Or: Why you should go to school, move to Houston, work in mining, and maybe all three, in that order.

615 mining.jpg


The more we learn about the last ten years, the more it seems like not only a Lost Decade, but a Decade of Losses. Wages didn't stagnate. They fell. And they fell especially hard for men who worked in construction and other industries surrounding the epic whirlpool of the real estate industry.

A recent study found that median household income fell 3 percent during the recession. Even worse, it declined another 7 percent between June 2009 and June 2011. This topped off what the Hamilton Project found to be a 26 percent decline in the real earnings of working-age men between 1970 and today. Put another way: Men earning the same real wage as their 1970s counterparts are among the relative winners in this economy.

The big picture is important to keep in mind. But in a $14 trillion economy, wages don't all rise and fall in synch. Instead, different industries and cities tell different stories. Seattle's wages consistently outpace the economy. Detroit's wages don't. Mining wages have exploded in the last five years. Food service wages haven't.

To get a more granular sense of how wages have moved in the last five years, I consulted PayScale, a wage index that measures the change in "total cash compensation" of full-time private industry employees. I asked them for graphs showing how wage growth in 20 industries and 15 cities compare to the national average. They were kind enough to pull the data, which is featured in the galleries below.

How Wages Compare Across Industries

How Wages Compare Across Cities

Here's what these graphs tell you: They show you how wages have changed since 2006, the benchmark year when all wages = 100. If the line representing Dallas wages moves below the line for national wages, that means that Dallas wages aren't keeping pace with overall wage growth post-2006.

Here's what these graphs don't tell you: They don't show you what people typically make in Dallas, or mining, or health care. For example, just because legal salaries haven't kept pace with national growth since 2006 doesn't mean lawyers and other legal workers are making less than the median wage. It means, as a group, their already higher-than-average wages aren't growing as fast as the entire wage pool.

And here are three observations about these graphs for the road, although I'm sure there are many more to pull out of the data:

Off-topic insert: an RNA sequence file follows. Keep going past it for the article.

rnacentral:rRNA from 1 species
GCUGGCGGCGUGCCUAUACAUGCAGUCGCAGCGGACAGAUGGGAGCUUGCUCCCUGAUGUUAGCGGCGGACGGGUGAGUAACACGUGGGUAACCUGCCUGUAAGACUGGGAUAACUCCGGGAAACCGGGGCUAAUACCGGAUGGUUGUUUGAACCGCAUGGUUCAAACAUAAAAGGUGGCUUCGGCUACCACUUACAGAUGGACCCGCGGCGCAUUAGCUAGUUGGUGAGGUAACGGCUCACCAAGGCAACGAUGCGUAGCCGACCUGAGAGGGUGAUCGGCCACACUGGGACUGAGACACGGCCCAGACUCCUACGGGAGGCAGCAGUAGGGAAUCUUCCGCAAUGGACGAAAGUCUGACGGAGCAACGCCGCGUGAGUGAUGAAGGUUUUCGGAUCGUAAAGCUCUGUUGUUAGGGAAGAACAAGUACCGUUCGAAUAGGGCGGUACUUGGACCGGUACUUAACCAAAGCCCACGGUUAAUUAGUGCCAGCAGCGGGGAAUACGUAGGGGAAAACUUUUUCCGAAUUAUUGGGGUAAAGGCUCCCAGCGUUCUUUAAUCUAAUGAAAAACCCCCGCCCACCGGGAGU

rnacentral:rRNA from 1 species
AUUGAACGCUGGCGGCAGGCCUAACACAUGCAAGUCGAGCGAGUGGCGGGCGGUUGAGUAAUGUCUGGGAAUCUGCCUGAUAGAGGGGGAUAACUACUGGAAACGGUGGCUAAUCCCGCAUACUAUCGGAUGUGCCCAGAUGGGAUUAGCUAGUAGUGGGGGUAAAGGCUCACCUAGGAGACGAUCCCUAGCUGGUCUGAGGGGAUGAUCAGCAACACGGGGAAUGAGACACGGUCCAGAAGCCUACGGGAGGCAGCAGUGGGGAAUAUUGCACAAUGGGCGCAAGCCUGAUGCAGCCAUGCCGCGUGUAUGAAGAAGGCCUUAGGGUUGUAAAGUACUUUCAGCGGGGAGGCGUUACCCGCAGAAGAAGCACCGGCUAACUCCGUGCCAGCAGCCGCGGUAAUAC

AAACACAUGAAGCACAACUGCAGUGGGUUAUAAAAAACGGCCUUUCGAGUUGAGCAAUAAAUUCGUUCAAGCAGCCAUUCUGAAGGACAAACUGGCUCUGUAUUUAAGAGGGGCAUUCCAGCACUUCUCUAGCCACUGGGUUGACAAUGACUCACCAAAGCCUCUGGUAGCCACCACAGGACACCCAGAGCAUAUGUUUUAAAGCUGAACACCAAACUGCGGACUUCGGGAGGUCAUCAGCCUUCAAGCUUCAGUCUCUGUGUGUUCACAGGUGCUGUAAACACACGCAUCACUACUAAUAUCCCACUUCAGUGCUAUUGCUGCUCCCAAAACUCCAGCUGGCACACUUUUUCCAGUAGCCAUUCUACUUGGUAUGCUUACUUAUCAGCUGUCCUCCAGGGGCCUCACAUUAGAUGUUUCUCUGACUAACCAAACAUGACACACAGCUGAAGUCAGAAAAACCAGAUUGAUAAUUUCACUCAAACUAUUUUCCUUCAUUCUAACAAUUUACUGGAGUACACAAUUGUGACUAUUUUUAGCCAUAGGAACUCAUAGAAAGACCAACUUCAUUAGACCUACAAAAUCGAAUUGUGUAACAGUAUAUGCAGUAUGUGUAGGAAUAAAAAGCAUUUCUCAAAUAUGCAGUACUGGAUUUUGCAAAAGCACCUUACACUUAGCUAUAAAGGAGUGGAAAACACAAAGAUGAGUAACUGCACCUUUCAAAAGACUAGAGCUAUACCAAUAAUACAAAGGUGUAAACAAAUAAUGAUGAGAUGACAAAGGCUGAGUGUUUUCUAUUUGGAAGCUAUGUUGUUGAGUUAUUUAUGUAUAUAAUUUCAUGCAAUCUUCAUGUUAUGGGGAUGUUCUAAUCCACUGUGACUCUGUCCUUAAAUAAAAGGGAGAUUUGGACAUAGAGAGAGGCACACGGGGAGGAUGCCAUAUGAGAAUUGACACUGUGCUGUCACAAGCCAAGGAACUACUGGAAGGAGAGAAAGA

1) Look first the industries with wage rising faster than average. Mining. Architecture and design. Health care. Science. To me, these fall into two categories. Mining belongs in a category by itself, as rising wages stem from explosive international demand for energy and other commodities. The last three all require significant higher education and training. It would seem that the key to growing wages is (a) get lucky with an industry with high international demand or (b) stay in school.

2) You see these same trends in the city-by-city data. Houston is a topographical lucky duck. When energy prices are high, Houston flies. Recently, it's been flying. Same goes for cities with high education levels. Cities like Seattle and San Francisco, which were already among the highest wages in the country, continued to keep up with or blow by national wage trends through the recession.

3) Look at the industries with wages growth much slower than average. Construction. Food service. Sales and retail. Again, I see two categories. Construction belongs in its own bucket, since it ascended and collapsed on the real estate bubble. Food service, sales, and retail all require very little education. Indeed, most of these jobs can be had without a college education, which means you have a lot of workers competing for a few low-skill jobs. That keeps wages low, not merely over the last five years, but in the last 30 years.


We want to hear what you think about this article. Submit a letter to the editor or write to letters@theatlantic.com.